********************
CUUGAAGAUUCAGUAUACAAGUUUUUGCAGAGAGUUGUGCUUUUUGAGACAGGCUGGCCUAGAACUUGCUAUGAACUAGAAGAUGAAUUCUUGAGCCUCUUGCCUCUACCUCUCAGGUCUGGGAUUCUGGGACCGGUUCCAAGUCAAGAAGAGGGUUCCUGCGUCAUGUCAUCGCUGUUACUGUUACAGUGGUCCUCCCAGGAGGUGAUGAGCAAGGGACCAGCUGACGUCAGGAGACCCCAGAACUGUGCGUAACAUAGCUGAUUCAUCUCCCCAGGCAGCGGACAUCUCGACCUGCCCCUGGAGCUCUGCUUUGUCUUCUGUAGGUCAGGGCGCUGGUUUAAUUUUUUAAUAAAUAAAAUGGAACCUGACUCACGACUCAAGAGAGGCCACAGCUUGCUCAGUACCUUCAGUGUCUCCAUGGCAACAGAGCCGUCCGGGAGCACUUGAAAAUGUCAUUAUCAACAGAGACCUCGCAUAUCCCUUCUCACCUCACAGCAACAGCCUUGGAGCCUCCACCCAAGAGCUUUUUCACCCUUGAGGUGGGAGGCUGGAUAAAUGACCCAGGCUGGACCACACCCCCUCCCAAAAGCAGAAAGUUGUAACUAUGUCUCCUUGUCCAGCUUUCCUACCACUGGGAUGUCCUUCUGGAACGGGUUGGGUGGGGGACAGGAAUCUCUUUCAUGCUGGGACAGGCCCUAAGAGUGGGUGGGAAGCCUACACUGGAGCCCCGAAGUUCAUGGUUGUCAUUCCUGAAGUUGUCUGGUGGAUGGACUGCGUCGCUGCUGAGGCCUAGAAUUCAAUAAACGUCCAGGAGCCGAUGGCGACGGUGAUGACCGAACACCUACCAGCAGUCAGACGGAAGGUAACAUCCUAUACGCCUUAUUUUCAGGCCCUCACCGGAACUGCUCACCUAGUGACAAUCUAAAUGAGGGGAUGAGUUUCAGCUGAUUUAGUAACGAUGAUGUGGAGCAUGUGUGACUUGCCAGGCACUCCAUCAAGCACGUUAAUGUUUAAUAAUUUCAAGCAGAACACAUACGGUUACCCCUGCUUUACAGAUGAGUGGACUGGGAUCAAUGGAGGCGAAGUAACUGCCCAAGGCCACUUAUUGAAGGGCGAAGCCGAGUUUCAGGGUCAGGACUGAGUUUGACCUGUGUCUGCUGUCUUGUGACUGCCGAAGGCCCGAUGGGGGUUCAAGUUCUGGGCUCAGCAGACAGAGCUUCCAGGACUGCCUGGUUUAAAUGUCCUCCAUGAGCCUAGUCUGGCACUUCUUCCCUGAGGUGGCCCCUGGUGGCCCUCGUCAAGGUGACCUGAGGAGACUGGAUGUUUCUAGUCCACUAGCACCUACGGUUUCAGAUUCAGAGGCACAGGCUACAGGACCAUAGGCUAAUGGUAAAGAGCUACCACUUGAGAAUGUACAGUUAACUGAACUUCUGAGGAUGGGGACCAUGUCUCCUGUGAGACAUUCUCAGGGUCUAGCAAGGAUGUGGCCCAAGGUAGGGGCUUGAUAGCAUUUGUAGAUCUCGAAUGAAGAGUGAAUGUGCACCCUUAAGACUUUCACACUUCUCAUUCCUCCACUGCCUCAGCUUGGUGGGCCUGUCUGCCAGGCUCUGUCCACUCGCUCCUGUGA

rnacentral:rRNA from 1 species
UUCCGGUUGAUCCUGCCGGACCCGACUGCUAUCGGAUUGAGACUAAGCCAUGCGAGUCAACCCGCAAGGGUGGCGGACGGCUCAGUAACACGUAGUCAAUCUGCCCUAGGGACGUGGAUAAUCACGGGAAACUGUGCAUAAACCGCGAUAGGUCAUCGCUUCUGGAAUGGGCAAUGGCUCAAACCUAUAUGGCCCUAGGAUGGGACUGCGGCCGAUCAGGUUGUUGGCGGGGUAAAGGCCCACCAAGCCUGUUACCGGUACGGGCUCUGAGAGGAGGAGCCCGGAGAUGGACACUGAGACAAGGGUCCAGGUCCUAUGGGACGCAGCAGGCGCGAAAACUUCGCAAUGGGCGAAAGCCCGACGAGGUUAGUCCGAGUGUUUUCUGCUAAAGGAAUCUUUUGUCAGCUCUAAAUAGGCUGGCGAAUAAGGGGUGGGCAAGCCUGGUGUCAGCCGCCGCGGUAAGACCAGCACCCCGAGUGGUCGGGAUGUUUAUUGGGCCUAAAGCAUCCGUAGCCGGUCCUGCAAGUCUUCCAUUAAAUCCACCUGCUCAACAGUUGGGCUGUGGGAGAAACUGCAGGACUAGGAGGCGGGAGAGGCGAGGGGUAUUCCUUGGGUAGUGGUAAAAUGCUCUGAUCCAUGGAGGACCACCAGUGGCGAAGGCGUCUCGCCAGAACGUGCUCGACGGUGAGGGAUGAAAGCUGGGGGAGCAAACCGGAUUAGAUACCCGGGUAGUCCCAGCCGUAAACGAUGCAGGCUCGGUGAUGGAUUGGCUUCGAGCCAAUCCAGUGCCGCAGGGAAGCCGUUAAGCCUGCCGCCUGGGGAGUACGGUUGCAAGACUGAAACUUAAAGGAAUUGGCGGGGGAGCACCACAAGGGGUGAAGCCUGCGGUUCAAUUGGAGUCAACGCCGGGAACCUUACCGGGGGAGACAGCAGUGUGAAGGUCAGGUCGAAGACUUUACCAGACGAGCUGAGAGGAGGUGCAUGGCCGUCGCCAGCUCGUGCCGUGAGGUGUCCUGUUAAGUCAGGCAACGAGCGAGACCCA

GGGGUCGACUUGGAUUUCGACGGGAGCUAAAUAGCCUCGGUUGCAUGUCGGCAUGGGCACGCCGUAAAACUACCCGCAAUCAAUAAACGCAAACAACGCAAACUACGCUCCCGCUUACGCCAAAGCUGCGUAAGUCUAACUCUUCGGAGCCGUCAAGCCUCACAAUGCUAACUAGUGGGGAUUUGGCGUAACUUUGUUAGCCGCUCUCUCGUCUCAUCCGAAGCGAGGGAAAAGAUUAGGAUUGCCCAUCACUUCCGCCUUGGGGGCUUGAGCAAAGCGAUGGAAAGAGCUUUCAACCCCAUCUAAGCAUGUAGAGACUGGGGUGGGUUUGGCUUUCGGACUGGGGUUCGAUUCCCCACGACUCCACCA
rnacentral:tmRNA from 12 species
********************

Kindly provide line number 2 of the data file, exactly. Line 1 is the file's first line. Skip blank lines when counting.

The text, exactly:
rnacentral:rRNA from 1 species